13 October 2007

Chelsea In Brief



From Keith Tyson's Large Field Array

Chelsea’s rhythm is generally brisk—the same as one’s own footfall. There are so many things to see, and so much that is not particularly meaningful, that it’s easy to think of it as a literal hike. In four and a half hours I planned to get from 18th street to 25th street.

But after shuffling tediously through Raymond Pettibon at Zwirner as I read each drawing individually...

...and then plopping myself down on a sofa at Elizabeth Dee for an hour and forty minutes, so that I am not the only person who hasn’t seen the latest Ryan Trecartin effort...

...and then waiting twenty minutes to spend (sorry people waiting) fortyfive minutes wandering through Keith Tyson’s Large Field Array...

...it was getting kinda late. I was tired. And all the other art looked kinda stupid in comparison. I tried to finish 22nd street, but wound up at the Half King, gulping down a decidedly ungenerous bloody mary.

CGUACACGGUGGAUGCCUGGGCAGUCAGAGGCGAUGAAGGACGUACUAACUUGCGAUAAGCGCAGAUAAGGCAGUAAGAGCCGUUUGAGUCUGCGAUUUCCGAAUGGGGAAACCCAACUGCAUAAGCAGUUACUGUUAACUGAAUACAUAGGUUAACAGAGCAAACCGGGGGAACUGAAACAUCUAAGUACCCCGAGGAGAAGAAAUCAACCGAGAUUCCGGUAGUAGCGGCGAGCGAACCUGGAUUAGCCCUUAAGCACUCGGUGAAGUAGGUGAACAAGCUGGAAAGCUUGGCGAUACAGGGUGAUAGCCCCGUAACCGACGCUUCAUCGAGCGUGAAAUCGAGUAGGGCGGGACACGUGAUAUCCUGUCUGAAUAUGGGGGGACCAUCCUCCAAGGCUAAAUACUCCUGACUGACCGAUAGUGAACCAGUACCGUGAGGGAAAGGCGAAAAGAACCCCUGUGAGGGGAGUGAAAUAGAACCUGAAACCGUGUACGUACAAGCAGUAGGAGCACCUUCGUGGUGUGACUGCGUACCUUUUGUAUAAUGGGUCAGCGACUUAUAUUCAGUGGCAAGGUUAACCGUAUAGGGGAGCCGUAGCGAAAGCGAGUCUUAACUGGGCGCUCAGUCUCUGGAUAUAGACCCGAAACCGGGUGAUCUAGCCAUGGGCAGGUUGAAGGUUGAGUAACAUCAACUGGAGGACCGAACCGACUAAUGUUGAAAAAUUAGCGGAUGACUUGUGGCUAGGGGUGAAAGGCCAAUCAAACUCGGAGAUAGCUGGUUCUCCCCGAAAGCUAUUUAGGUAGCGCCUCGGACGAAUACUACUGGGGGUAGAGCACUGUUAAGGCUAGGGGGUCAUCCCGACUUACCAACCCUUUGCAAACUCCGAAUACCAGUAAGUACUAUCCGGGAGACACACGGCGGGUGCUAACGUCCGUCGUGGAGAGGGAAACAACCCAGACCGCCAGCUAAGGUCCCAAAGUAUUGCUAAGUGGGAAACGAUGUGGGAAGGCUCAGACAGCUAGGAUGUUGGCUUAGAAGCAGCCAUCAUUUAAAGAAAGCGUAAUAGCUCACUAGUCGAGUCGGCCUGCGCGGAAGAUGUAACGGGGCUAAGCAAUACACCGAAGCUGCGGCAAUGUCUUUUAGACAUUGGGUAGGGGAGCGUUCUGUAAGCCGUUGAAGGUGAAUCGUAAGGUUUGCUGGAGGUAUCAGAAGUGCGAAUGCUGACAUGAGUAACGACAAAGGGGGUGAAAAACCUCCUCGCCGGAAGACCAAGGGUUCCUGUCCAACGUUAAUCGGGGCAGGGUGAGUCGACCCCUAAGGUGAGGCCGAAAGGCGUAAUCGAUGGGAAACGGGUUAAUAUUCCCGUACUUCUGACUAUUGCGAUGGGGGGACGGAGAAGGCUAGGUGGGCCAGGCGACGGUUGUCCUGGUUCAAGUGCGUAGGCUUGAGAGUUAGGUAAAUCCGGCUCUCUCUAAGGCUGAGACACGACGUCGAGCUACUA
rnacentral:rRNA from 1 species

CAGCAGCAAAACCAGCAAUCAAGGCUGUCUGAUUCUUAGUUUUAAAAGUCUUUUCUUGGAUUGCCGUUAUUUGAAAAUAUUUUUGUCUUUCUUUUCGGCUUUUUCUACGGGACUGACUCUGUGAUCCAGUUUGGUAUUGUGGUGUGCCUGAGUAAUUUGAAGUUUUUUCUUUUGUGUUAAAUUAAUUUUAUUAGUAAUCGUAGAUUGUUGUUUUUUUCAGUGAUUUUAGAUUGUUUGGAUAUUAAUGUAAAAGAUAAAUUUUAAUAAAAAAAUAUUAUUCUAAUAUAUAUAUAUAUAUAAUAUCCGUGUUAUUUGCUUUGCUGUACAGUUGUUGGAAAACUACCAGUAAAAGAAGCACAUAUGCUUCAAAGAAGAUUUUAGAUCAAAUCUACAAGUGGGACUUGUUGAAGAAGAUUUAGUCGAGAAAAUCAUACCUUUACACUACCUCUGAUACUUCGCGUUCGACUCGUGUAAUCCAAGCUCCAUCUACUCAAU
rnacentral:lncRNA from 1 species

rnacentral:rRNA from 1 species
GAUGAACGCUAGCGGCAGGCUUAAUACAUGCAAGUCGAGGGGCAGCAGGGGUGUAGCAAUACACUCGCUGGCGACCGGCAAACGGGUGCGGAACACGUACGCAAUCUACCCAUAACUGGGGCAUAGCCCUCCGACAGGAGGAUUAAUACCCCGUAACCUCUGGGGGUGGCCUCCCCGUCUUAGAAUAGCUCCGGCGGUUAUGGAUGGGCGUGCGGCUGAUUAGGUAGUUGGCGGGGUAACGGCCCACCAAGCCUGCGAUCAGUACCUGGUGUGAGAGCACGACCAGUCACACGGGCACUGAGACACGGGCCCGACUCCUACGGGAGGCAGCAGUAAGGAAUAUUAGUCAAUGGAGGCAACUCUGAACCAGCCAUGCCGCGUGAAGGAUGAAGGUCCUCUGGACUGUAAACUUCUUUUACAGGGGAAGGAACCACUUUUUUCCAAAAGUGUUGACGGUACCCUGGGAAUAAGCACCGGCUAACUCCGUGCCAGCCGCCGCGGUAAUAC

I still feel kind of beaten and disoriented. And generally, I want art to make me feel big feelings like this, but I have questions. I mean, DR9 made me feel similarly punch drunk, and it wasn’t because it was good. In part, I think I am exhausted simply because I confronted two of my least favorite gallery tactics: text and linear narrative. Sofa or no sofa, these time-sucking devices fail to understand what walking around in a gallery feels like for a viewer—they misunderstand the transaction. I definitely want to get sucked in, but generally not doing something I can do better in the comfort and privacy of my own home. Reading is intimate, and all video looks and feels better when I am on my own sofa.

I’m open to surprises, but generally I’m looking for something that benefits from me going all the way to a large, white room.

I also think I am exhausted because Ryan Trecartin is exhausting. And because the difference between Reagan-era Raymond Pettibon and W-era Raymond Pettibon is elusive. And because Keith Tyson managed to make the cube relevant in a way that has nothing to do with backward-looking modernist mannerism.

Over and over again.

These three shows do belong together somehow, and will be written about at more length, perhaps for ArtCal Zine. But I don't know how yet.

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